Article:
As for capitalisation, I thought that when we refer to a particular person by using their titles instead of their names we should capitalise the title.
    e.g. “Yesterday I met the President.” Shouldn’t I capitalise the “p” because I know precisely which president I’m talking about? Wouldn’t it be the same in the case above = “the Queen”?

    What do you mean by “depending on their intentions”? Aren’t “medicine” and “medical supplies” the same?


    Hello Bhaisahab,

    Does the sentence in the present perfect mean that the queen hasn’t finished speaking or has just finished speaking whether the one in the simple past means that she finished it some time ago?

    Thank you very much for your patience
    The sentence in present pefect means that she hasn't finished speaking. In the simple past sentence, she has finished.

  4. Monticello's Avatar
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    #8

    Re: correct sentences 5

    Quote Originally Posted by hela View Post
    Hello Monticello,
    Quote Originally Posted by hela View Post

    Is it possible to combine "about" with "or so"?

    What I meant is that I wasn’t sure about the tense to choose and about capitalisation.

    As for capitalisation, I thought that when we refer to a particular person by using their titles instead of their names we should capitalise the title.
    e.g. “Yesterday I met the President.” Shouldn’t I capitalise the “p” because I know precisely which president I’m talking about? Wouldn’t it be the same in the case above = “the Queen”?

    What do you mean by “depending on their intentions”? Aren’t “medicine” and “medical supplies” the same?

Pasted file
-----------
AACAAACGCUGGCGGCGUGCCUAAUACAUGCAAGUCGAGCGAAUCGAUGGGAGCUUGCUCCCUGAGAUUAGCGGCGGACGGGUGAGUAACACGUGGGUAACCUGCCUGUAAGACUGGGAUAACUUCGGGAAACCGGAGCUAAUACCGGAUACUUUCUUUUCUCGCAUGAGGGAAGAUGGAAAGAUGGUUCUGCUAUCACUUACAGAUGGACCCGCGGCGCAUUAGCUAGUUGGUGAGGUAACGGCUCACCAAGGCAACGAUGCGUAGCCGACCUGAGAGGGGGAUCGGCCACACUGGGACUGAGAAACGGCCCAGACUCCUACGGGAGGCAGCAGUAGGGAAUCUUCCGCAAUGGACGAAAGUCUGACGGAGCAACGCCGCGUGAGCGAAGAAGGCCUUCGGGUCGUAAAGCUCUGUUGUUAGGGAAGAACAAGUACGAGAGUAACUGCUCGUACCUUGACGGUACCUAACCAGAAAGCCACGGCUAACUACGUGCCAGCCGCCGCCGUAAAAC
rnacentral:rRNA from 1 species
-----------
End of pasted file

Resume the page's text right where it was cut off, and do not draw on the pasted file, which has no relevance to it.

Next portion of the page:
Hello Bhaisahab,

    Does the sentence in the present perfect mean that the queen hasn’t finished speaking or has just finished speaking whether the one in the simple past means that she finished it some time ago?

    Thank you very much for your patience
    Hi Hela,

    Is it possible to combine "about" with "or so"?- Yes, in conversation you will often hear "about .. or so.", though some might be picky, finding this "redundant," i.e., unnecessarily repetitive, due to the fact that "about" and "or so" are just two different ways of saying (or writing) "approximately."

    As for capitalisation, I thought that when we refer to a particular person by using their titles instead of their names we should capitalise the title.
    e.g. “Yesterday I met the President president” Shouldn’t I capitalise the “p” because I know precisely which president I’m talking about? -No. Wouldn’t it be the same in the case above = “the Queenqueen? - Yes, it does involve the same consideration concerning capitalization as above with Queen vs. queen. And so here too no "caps" should be used.

    Please see the following link to clear this simple matter up:

    http://www.myenglishteacher.net/captilizingletters.html

    What do you mean by “depending on their intentions”? Aren’t “medicine” and “medical supplies” the same? -No, medicine and medical supplies do not mean the same thing. In terms of categorization, "medical supplies" is a broader category in which medicine(s) would fit. Thus, in addition to medicine(s), medical supplies would include other things such as bandages, tourniquets, syringes, etc.
    Last edited by Monticello; 27-Feb-2009 at 05:40.